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August 15th, 2007 · 26 Comments

You’ve probably seen this happen—or, if you’re less lucky, been the person it happened to. A group of people are standing around discussing some topic where either expertise or native intelligence make them all pretty conversant on the subject. Suddenly, one person pipes up with what he clearly thinks is a profound insight, an important observation. The others smile awkwardly, perhaps exchanging quick meaningful looks, and attempt to steer the conversation elsewhere. In the most embarrassing cases, the person who offered the observation is convinced that the full import of his insight can’t have been understood, and insists upon pressing it again and again. What’s actually happened, though, is that the person has outed himself as desperately behind the curve by offering the very opposite of an insight: some utterly elementary point that everyone else had taken for granted as a premise of the conversation, and indeed, one too obvious to be worth stating among (so they had thought) other reasonably bright and informed people. It’s an odd case of making oneself look bad, not by saying something wrong or false, but by saying something too clearly true. Because it simultaneously evokes “outing,” “on the outs,” and the contrast with “insight,” I decided I’d go with “outsight” as the name for this. So, formally…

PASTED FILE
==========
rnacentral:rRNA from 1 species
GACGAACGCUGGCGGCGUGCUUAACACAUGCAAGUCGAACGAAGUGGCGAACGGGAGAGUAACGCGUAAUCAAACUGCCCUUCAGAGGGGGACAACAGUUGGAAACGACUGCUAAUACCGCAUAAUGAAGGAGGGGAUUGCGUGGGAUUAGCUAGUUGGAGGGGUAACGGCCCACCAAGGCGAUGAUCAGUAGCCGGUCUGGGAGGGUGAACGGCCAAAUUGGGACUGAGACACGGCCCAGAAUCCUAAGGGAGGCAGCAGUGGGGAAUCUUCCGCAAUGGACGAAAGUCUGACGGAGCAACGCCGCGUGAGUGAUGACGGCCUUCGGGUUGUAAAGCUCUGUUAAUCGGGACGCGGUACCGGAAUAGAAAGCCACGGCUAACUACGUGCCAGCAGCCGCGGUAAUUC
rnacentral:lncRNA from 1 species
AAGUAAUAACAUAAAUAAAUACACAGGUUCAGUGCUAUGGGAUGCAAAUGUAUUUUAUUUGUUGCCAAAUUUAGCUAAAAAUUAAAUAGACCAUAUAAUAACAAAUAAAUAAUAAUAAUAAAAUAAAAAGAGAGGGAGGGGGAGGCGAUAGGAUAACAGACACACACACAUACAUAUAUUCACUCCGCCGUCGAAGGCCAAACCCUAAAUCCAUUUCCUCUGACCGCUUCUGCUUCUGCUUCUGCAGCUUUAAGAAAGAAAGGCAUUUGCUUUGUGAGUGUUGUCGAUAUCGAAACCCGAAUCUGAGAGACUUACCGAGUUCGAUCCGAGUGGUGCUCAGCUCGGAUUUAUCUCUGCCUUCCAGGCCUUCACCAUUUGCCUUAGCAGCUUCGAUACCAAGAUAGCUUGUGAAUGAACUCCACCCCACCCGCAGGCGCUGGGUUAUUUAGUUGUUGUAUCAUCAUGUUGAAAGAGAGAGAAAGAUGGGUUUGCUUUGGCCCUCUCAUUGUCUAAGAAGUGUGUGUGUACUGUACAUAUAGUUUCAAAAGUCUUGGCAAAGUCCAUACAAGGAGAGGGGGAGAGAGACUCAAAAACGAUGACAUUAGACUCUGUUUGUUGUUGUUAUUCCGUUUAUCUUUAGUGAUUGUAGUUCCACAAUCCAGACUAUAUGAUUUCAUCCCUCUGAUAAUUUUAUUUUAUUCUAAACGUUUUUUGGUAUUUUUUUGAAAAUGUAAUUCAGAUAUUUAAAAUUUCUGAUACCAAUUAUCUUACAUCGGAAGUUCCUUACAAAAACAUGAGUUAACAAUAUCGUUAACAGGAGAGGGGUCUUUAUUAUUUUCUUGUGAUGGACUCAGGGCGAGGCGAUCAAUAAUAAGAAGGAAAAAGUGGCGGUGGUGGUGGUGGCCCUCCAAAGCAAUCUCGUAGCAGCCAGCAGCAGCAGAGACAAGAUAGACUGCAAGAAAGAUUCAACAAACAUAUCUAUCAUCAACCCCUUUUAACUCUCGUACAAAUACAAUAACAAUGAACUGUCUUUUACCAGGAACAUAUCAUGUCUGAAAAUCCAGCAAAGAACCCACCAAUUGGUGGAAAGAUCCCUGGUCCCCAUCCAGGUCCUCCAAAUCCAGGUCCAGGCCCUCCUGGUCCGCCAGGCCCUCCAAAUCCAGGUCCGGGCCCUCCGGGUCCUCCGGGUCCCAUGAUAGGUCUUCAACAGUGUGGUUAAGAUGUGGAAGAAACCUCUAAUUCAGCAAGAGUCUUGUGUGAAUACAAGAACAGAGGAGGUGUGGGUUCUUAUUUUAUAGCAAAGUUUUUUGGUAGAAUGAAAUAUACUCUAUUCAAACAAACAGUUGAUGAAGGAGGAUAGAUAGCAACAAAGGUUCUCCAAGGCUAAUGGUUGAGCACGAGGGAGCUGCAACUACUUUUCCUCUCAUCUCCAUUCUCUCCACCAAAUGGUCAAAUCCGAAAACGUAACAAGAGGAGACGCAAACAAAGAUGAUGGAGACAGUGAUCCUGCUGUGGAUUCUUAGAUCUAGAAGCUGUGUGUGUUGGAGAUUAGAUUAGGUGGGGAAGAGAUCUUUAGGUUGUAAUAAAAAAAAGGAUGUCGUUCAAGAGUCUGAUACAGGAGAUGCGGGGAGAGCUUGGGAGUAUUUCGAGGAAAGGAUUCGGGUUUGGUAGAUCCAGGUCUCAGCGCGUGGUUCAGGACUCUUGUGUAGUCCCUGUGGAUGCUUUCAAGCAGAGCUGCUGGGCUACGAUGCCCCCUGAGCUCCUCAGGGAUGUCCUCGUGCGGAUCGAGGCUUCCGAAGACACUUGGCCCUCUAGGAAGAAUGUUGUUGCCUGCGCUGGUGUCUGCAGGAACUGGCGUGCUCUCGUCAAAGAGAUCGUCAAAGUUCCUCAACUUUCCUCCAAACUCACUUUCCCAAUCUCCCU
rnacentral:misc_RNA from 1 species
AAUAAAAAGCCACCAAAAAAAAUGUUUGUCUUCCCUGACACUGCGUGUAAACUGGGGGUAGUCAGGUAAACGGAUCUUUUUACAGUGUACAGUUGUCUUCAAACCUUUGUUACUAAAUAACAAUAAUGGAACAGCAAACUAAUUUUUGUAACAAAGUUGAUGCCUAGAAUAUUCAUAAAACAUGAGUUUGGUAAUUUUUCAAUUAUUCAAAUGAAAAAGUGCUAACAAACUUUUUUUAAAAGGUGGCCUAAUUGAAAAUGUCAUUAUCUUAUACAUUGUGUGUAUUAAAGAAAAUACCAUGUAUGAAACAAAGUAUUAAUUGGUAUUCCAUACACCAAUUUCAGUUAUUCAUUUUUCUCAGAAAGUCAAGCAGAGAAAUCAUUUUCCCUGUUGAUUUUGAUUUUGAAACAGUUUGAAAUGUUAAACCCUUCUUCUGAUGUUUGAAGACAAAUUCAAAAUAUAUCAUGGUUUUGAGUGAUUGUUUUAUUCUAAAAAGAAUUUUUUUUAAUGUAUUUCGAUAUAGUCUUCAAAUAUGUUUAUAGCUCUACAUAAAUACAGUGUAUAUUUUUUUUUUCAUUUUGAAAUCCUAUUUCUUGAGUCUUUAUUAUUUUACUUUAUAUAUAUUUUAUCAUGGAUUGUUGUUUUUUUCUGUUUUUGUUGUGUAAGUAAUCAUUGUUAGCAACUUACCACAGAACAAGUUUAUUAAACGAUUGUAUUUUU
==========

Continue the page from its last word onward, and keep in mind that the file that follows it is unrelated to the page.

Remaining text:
outsight, n: A statement believed by the person who utters it to be an important or profound insight, but which is in fact regarded by its audience as so obvious or elementary that it reveals the speaker as hopelessly ignorant or slow-witted, at least relative to the relevant group.

Tags: Language and Literature



26 responses so far ↓

  • 1 Barry // Aug 15, 2007 at 1:38 pm

    Yes. However (forgive me for skewing the thread) what irks me more is when somebody utters some sophomoric comment which they think is the height of wisdom, such as ‘correlation isn’t causality’, under circumstances where it’s clear that such an elementary error is not being made. Or gets Occam’s razor wrong, thinking it means ‘the simplest explanation is correct’. I think that I seen this uttered under both the assumption that it was true, and also that it was ridiculous, so why do people use Occam’s razor?

    My final irritation is the old ‘average both sides to get the truth’, frequently dressed up as ‘both sides hate me, so I’m correct’.

  • 2 AC // Aug 15, 2007 at 4:53 pm

    While you’re at it maybe you can coin a term for those whose snobbish behavior makes it so that an “outsight” is embarrassing, some devastating signal, rather than a minor hitch in conversational flow to be frankly addressed or easily moved past. And maybe you can coin another term for those who deal with “outsights” with tact.

  • 3 Emma Zahn // Aug 15, 2007 at 4:56 pm

    I’m hoping you were the one with the outsight otherwise I would have to think your manners need some work.

  • 4 Andy R. // Aug 15, 2007 at 4:59 pm

    Can you give an example of this? What is the type of comment that qualifies as an outsight?